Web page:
Lion ‘Looking’ for Showtime bow

Diaz feature slides to small screen

NEW YORK — “Things You Can Tell Just by Looking at Her,” the Cameron Diaz starrer that was due for a theatrical release from MGM next month, will not make it to movie theaters after all — at least not any time soon.

Instead, the Lion has opted to debut the film — which features an ensemble cast including Calista Flockhart, Glenn Close, Holly Hunter, Kathy Baker and Gregory Hines — on Showtime.

Emmanuel Lubezki, director of photography on the film was shocked. “It sends a very strange, bad message about the movie. I think this is a great picture. We were passionate about the script and it turned out to be better than we expected. I can’t understand it.”

Although pic was well received when it premiered at last year’s Sundance Film Festival and opened Un Certain Regard at the Cannes Film Festival this year, MGM likely feared that the intimate, character-driven piece written and directed by former cinematographer Rodrigo Garcia (son of Pulitzer Prize-winning novelist Gabriel Garcia Marquez) would have been overlooked amid big-budget blockbusters.

“It could have gotten lost in the summer movie shuffle and ended up costing MGM a lot more money than it was worth,” said Paul Dergarabedian, prexy of Exhibitor Relations. “By going straight to Showtime, they figure they can recoup their investment and possibly get the film seen by a lot more people.” Distributing a film nationally can easily cost a studio $20 million on prints and advertising.

MGM, however, still retains theatrical distribution rights to “Things,” and if it creates buzz on Showtime, the studio could theoretically bring it to theaters. In 1998, Showtime acquired Adrian Lyne’s $58 million remake of “Lolita” in a $4 million deal that granted the Viacom paycabler all U.S. distribution rights. The film was later released by Samuel Goldwyn, grossing only $135,000 — nowhere near the P&A costs. Both MGM and Showtime declined comment on the financial details of the “Things” deal.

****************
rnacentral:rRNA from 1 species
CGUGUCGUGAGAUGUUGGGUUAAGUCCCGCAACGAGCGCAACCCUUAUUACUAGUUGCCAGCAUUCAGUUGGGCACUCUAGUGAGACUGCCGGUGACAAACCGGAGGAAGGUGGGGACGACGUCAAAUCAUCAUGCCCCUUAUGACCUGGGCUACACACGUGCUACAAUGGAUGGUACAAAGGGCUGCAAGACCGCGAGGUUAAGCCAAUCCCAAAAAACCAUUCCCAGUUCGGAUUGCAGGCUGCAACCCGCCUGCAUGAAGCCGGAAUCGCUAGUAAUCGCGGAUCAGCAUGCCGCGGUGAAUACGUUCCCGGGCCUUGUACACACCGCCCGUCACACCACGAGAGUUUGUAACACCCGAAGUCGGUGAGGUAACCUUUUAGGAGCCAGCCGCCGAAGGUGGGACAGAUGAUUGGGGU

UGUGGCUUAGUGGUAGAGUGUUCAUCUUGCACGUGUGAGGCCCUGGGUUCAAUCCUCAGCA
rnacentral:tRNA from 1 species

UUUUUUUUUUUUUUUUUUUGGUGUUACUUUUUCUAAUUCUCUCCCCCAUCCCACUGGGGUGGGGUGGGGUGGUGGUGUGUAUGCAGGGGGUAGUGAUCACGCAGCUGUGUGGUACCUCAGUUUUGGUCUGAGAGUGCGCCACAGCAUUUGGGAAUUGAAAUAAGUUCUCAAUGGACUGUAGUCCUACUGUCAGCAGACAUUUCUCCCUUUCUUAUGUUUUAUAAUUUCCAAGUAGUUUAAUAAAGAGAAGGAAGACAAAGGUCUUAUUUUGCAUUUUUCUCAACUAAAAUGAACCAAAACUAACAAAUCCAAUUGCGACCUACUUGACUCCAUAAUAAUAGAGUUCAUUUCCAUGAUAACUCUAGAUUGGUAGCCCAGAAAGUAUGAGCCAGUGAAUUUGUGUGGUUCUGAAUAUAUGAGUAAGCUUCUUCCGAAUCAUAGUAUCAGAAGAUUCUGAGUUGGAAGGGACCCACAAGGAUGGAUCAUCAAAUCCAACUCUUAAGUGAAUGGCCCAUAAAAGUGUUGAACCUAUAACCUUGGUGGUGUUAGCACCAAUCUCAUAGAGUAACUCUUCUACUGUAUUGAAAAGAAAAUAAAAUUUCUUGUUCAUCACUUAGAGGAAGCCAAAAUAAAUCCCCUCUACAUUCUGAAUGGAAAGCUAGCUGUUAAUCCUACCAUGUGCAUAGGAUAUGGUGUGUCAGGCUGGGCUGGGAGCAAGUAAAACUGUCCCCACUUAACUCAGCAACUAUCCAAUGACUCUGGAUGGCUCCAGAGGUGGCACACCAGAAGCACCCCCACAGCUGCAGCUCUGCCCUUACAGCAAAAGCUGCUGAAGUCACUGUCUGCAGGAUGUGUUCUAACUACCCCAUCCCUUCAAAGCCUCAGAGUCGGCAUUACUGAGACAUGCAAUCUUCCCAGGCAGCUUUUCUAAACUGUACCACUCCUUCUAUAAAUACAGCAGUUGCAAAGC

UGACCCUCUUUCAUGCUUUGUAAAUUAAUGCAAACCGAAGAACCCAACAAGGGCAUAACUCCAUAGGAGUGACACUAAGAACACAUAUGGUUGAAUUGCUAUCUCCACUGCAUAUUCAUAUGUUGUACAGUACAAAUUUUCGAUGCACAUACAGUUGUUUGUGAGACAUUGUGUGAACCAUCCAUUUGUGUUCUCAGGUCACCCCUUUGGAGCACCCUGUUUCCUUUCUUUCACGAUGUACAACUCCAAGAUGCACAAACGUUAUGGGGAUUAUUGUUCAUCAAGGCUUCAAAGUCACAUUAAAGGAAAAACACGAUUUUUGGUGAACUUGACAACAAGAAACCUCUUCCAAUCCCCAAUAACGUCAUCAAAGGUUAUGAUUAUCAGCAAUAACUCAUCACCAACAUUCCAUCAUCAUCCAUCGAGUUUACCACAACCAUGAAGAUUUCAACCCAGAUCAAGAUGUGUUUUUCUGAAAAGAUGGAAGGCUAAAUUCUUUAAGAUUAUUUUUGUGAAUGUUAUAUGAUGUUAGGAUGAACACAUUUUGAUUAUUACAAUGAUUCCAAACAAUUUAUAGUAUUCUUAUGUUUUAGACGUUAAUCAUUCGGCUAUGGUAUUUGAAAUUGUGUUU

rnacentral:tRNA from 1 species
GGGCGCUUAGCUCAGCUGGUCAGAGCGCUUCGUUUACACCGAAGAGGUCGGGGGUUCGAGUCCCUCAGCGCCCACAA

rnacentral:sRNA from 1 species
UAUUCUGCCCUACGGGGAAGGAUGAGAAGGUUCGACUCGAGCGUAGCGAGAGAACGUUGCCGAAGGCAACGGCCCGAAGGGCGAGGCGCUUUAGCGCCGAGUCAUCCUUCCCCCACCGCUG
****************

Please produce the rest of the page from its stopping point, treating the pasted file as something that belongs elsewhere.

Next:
Pay cablers acquire busted theatrical fairly often, but the films are usually not as high profile as “Things.”

Cinemax, HBO’s sibling pay network, recently acquired the premium pay cable rights to “Picking Up the Pieces,” a dark comedy from Alfonso Arau, with a cast featuring Woody Allen, David Schwimmer, Cheech Marin and Kiefer Sutherland, as well as an unbilled performance by Sharon Stone. In that case, the filmmakers retained the rights to sell it theatrically.

Bucking the system

Though it is rare for a film that has premiered on cable to be released theatrically, it occasionally happens. After premiering on Cinemax in February, “Oxygen,” starring Adrien Brody and Maura Tierney, was distributed theatrically by Unapix.

Acquired in August 1999, “Things” marked the first acquisition of MGM’s new specialized division, United Artists. In June 1999, a month after Alex Yemenidjian and Chris McGurk were named to run MGM, the studio decided that United Artists would cease to produce large-scale Hollywood fare and would instead produce, acquire and release smaller and independent films with budgets under $20 million.

Given that “Things” seems to fit perfectly with the duo’s original plan, its dispatch to cable is surprising.

Produced by Jon Avnet, Lisa Lindstrom, Marsha Oglesby, with Elie Samaha and Andrew Stevens exec producing, “Things” is a collection of five femme-oriented vignettes with overlapping characters.

Sundance setup

Showtime initially approached MGM about acquiring the U.S. premium TV rights after seeing the film at Sundance, where “Things” nabbed the Sundance/NHK Intl. Filmmakers Award.

At the time, MGM planned to release the pic in April, but that date was pushed back to late July/early August before being tabled.

“We felt strongly that ‘Things’ would be perfect for a debut on Showtime in terms of its subject matter and intimate storylines,” said Matthew Duda, executive VP, program acquisitions and planning, for Showtime Networks. “We are thrilled to have such a remarkable film and are determined to make it an event on the channel.”

Had it gone theatrical, “Things” would have made it to Showtime anyway, thanks to the cabler’s output deal with MGM. Under the new arrangement, “Things” is scheduled to premiere on the cabler in early 2001.

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